The Daily Item
LEWISBURG — The Merrill W. Linn Land & Waterways Conservancy has announced a new conservation easement that will permanently protect 43 acres on the Shamokin Mountain Trail in Union Township, Union County.
Warren G. Abrahamson II, Christy Abrahamson, Wayne McDiffett and Ruth Burnham are owners of the properties located off Stein Lane, five miles south of Lewisburg.
Aligning with the conservancy’s recently introduced Linking Landscapes Initiative, which seeks to establish and maintain habitat connections to facilitate wildlife movement, migration and interbreeding, the property adjoins the 342-acre Pennsylvania State Game Lands No. 193 along its 0.36-mile-long southern boundary. Together, these properties protect more than 380 acres of diverse upland habitat.
The conservation easement will protect the property’s water, soil, forest, wildlife and scenic resources in perpetuity. The property, which straddles the ridge of Shamokin Mountain, holds valuable groundwater, which is slowly released to both the Buffalo and Dry valleys via Turtle Creek and Winfield Creek.
The owners intend to perpetuate and foster an old-growth forest community with associated wildlife species. Roughly 35 acres of the property is wooded by a canopy of white and chestnut oaks, red, black and scarlet oaks, pignut and mockernut hickories, red and sugar maples, beech, bigtooth aspen, sourgum, white pine, black cherry and other species.
The remaining eight-plus acres are maintained as a grassy meadow community by PPL Electric Utilities, which has an existing easement, as a corridor under an electricity transmission line. The corridor and the transition area between the corridor and the forest provide an edge habitat that attracts a number of native species that are less common in adjoining woodlands.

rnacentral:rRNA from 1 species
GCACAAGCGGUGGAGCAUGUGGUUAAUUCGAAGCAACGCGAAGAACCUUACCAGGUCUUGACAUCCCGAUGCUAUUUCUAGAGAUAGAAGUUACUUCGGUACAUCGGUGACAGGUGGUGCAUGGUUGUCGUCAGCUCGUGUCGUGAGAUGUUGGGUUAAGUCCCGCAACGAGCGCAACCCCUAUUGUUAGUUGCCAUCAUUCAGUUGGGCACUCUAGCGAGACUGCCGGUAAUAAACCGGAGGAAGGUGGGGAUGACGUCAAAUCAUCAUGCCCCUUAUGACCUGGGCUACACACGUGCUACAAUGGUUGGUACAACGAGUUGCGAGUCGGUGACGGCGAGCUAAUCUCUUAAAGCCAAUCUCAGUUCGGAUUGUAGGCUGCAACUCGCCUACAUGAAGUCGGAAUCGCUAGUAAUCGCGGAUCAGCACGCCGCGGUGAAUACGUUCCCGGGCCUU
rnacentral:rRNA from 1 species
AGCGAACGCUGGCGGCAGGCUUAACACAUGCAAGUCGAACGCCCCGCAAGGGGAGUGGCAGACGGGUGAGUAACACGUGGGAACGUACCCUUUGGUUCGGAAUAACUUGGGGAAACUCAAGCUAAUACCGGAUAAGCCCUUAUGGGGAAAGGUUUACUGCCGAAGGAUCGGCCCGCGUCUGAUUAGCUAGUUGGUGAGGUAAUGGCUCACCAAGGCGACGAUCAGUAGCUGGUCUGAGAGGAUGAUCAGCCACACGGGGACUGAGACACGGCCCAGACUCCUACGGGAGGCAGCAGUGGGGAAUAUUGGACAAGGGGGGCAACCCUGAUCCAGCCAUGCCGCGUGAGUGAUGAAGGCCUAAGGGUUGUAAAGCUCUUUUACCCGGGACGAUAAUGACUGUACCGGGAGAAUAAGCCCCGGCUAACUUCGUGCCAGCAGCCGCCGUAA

The easement protects scenic views of older-growth forest and the meadow corridor from Stein Lane, which has a more than 700-foot frontage. Birdwatchers, hikers, hunters and others can enjoy the Buffalo Valley panorama overlooking the property from the state game lands.
Warren Abrahamson and McDiffett have been involved in the conservancy’s land trust activities since 1990, when they were invited to share a seat on the organization’s board of directors. But in the late 1970s, when the two couples purchased their adjoining parcels, “We didn’t know about the land trust movement,” McDiffett said. “But we did not want to develop the land, so we put the properties into Clean and Green.”
Clean and Green is Pennsylvania’s preferential tax assessment program that bases property taxes on use values rather than fair market values to encourage protection of farmland, forestland and open spaces.
“Clean and Green provides local and state tax relief and some land protection,” Abrahamson said. “However, if we were to sell our properties, the new owner could develop the land if the back taxes and a penalty were paid. The Linn Conservancy conservation easement ensures that the land will be protected forever.”
With the addition of the Abrahamson-McDiffett-Burnham conservation easement, the Linn Conservancy protects 16 environmentally significant properties and nearly 1,200 acres in four counties. For information about the conservancy’s activities, go to www.linnconservancy.org or visit Merrill W. Linn Land & Waterways on Facebook.